For all of these reasons, the use of assessments for personal and professional development should never be done in a vacuum. Rather, enlist the support of an expert who understands psychometrics, is familiar with the assessment you are using to gauge your competency set, can relate the results to your current role and future goals, and help you formulate an Action or Individual Development Plan (IDP). The most effective support for your development will come from an expert who can help you to maintain authenticity and behavioral integrity as you learn to integrate the good and the bad.

The hospitality industry is a unique mixture of complexities, ambiguities, and pressures and market forces in constant flux. Therefore, executives often have difficulty matching their good intentions for self-development with the limited time available to them. With this in mind, building and capitalizing on personal strengths arguably offers the biggest ROI with the path of least resistance. For those individuals who are highly motivated and disciplined with time management; however, a great specialist can use the unique insights from a performance-based assessment to help guide a person beyond the poetic thought in the Desiderata prose. Given enough courage, humility, and dedication… individuals paired with seasoned specialists can indeed learn also to overcome ineffective habits, poorly developed skills, and outright shortcomings.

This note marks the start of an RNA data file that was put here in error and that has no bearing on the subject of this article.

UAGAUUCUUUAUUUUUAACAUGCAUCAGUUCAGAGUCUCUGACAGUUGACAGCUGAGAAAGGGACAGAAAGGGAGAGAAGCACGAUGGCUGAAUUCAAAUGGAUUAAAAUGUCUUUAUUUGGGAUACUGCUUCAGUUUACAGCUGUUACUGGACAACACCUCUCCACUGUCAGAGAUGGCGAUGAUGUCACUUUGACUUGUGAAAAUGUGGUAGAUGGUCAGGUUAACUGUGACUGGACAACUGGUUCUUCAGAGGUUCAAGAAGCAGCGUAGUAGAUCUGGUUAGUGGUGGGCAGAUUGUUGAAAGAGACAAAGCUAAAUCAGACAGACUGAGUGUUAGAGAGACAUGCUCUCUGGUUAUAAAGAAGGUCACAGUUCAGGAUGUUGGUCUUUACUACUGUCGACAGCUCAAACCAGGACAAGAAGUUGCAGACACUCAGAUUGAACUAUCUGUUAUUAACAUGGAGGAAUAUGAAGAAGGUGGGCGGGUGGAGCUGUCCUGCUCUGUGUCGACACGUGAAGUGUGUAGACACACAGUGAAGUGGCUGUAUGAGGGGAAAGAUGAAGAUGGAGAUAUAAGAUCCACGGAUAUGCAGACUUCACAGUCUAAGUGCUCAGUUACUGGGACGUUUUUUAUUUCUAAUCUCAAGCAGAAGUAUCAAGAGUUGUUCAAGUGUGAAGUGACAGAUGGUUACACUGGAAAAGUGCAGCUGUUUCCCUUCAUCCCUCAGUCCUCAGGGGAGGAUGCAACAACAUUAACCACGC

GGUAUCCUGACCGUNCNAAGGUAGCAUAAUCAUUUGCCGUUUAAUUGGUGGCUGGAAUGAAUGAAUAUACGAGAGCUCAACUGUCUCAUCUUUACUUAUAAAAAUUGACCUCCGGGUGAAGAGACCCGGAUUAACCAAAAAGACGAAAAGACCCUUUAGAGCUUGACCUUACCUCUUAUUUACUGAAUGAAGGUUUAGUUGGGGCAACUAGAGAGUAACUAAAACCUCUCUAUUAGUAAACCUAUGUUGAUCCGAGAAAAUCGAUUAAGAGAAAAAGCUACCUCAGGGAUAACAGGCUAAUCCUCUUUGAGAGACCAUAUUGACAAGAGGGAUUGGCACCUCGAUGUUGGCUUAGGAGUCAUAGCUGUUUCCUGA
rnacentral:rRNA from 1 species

“Dr. Jim” Houran, Managing Director of AETHOS Consulting Group, is a 20-year veteran in applied psychological research and a published expert on peak performance, online testing and interpersonal and organizational compatibility. He has authored over 100 articles, and his award-winning work has been profiled by a myriad of media outlets and programs including the Discovery Channel, A&E, BBC, National Geographic, NBC’s Today Show, USA Today, New Scientist, Psychology Today and Dr. Houran remains a member of the American Psychological Association, the American Psychological Society, the Hospitality Sales and Marketing Association International and the American Hotel and Lodging Association, and serves as Research Professor in the Laboratory of Statistics and Computation at the Lusofona University of Humanities and Technologies (Lisbon, Portugal). Mr. Houran can be contacted at 817-542-7602 or